The preparations for and the handling of hurrican Katrina will be the subject of case studies in management workshops and courses for years to come. For anyone who was unconcerned about the quality of leadership and management in our government, this should cure their oblivious stupor. Folks died, children suffered trauma, and we all suffered through nights of the most hellish reality show ever aired on television as we watched in complete frustration as our officials didn’t “get it” and the stranded begged for help.
So, what is to be learned from this mismanagement crisis? Here are some random thoughts:
1. Process matters over structure. It is perfectly obvious that the current structure inhibits the process of responding to a crisis and delivering aid, security and medical resources rapidly to those in need. The primary reason for this is that there is no well defined process that cuts through all of the irrelevant structures (walls between agencies, city, state and federal government, etc.) and the aid can’t climb over the bureaucratic walls. When I help companies with my whole-system design process we begin by designing the actual work process, then we address structure with the question “what structure will optimize the ability of people to perform within the process?” Just as in a corporation, the customers don’t care about your structure, bureaucratic procedures, levels of management, blah, blah, blah! They only care that the process delivers the goods!
Someone, please, design the ideal process of responding to a crisis and then put a structure in place to facilitate that process.
2. Competence matters. Sounds silly. But, lets face it – every well functioning corporation knows that the job of manufacturing manager requires certain skills and the job of marketing manager requires others. It is the primary job of an executive to to put the right people in the right job. That is half the battle. The American people are responsible for the competence of our government, for voting for those, who demonstrate little awareness or concern that our agencies are led by people of both technical and managerial competence. Next time I vote, I want to vote for an executive who has demonstrated his or her ability to manage a large organization and that means appointing and attracting competent managers, developing strategy and holding people accountable for executing.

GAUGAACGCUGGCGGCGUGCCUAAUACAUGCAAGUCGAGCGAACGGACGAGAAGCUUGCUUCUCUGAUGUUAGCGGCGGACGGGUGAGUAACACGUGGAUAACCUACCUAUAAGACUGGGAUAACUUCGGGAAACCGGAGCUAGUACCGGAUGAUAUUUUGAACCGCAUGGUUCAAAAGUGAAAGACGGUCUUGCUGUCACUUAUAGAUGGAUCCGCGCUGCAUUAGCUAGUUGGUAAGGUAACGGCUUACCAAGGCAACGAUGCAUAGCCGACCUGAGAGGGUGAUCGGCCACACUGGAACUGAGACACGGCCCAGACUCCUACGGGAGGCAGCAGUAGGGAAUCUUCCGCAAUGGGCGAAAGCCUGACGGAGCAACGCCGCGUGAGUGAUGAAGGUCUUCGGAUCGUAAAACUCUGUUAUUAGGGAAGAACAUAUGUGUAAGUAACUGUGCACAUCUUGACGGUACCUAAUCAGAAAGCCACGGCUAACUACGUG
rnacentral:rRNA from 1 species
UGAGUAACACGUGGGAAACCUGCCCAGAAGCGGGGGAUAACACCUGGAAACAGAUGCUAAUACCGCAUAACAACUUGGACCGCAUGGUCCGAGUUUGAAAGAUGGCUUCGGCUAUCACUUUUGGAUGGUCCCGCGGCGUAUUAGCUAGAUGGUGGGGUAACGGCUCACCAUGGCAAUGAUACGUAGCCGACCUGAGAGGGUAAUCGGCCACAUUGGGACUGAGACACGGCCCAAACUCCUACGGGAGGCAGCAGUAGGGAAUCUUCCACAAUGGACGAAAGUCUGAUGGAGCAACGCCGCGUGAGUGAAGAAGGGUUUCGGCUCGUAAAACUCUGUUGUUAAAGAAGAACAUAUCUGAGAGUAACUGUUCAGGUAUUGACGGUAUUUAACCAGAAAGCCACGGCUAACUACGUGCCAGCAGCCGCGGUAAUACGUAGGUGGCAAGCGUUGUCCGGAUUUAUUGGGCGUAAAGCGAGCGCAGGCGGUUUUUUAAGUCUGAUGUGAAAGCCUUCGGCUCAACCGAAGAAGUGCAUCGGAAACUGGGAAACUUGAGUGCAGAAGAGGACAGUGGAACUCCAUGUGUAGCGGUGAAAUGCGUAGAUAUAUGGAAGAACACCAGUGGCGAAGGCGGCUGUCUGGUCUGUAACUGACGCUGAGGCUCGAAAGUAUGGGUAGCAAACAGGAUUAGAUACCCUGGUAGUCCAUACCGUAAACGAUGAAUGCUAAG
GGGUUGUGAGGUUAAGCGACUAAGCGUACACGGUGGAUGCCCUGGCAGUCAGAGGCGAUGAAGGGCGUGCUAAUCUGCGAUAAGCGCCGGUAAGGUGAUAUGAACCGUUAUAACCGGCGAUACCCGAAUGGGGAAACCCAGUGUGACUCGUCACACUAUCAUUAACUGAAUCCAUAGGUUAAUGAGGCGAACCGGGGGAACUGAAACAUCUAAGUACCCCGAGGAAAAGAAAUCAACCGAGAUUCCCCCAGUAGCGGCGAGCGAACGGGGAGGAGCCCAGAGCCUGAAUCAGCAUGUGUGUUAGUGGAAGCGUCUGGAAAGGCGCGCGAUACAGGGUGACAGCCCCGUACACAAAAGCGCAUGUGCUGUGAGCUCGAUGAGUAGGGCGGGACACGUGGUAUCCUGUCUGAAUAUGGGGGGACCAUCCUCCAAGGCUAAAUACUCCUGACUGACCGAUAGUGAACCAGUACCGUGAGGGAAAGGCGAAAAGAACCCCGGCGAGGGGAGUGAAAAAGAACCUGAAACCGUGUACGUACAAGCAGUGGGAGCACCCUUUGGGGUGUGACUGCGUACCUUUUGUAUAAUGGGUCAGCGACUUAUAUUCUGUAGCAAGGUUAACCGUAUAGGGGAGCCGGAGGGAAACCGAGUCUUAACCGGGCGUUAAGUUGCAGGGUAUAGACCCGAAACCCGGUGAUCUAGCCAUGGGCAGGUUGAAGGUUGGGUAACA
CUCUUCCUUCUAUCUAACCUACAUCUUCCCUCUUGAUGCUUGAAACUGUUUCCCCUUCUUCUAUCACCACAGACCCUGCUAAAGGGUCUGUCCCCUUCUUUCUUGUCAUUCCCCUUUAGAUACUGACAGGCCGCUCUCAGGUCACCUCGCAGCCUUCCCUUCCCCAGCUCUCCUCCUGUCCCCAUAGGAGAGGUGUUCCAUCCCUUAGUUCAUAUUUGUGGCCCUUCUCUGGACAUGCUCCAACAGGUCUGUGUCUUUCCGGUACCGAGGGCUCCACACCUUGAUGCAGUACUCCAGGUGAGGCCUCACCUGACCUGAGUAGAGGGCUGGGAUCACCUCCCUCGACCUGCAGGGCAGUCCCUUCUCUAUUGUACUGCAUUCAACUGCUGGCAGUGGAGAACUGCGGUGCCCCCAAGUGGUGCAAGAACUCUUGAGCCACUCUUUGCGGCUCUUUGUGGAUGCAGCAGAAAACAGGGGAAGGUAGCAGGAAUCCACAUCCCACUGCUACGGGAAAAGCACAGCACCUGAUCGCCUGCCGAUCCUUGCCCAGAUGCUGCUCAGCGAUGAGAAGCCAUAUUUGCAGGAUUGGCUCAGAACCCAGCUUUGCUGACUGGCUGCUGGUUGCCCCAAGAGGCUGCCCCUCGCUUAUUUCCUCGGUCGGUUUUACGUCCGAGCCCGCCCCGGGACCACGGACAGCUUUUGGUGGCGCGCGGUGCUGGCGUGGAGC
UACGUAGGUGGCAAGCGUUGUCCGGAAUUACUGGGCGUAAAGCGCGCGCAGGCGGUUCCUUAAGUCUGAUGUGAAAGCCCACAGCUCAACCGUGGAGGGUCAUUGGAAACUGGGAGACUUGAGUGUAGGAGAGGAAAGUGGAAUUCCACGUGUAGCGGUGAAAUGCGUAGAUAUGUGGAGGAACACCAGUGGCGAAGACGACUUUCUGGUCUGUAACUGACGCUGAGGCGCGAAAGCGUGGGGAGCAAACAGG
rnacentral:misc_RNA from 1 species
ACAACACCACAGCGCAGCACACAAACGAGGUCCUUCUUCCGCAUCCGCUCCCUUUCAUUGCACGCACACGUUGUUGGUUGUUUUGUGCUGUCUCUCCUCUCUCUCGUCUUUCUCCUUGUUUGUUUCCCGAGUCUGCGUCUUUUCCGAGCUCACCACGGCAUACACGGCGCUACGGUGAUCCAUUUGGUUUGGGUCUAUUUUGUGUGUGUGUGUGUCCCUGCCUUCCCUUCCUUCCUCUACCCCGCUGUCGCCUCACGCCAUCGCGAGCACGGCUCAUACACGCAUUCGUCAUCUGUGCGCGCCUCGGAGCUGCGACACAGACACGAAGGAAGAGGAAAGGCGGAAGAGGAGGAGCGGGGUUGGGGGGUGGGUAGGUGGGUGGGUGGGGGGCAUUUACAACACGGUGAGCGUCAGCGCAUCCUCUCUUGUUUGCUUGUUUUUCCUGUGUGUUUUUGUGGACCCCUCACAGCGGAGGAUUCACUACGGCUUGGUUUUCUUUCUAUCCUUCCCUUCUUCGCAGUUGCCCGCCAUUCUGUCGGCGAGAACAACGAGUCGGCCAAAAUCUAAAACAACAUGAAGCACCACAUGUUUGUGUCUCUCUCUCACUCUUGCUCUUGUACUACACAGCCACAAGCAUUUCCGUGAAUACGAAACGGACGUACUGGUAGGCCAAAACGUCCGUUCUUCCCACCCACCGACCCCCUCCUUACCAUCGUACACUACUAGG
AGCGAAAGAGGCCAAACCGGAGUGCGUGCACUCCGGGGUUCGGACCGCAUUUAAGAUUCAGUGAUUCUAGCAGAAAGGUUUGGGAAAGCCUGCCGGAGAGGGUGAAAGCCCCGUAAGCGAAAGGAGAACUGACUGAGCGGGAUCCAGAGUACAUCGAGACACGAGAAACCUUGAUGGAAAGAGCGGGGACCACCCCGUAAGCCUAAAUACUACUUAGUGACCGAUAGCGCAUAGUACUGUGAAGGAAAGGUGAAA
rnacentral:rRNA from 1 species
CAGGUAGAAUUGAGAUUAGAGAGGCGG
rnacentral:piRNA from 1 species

Or, is Mark Kleiman right in his posting that… “One of the most charming characters in Huckleberry Finn is the con artist pretending to the the lost Dauphin. At one point, he remarks: ‘Hain’t we got all the fools in town on our side? And ain’t that a big enough majority in any town?’ I’ve always considered that remark a depressing but fundamentally accurate insight into practical politics. But it turns out that His Majesty Looey the Seventeen wasn’t infallible, after all.”
3. When you need to make a change, do it quickly! The good news – the President did remove Michael Brown from command once it became clear that he was the wrong man for the job. Maybe a good lawyer, maybe a nice guy, maybe loyal – but a commander in crisis – NOT! Thankfully, he replaced him with someone, a Coast Guard Vice Admiral, who knows how to command.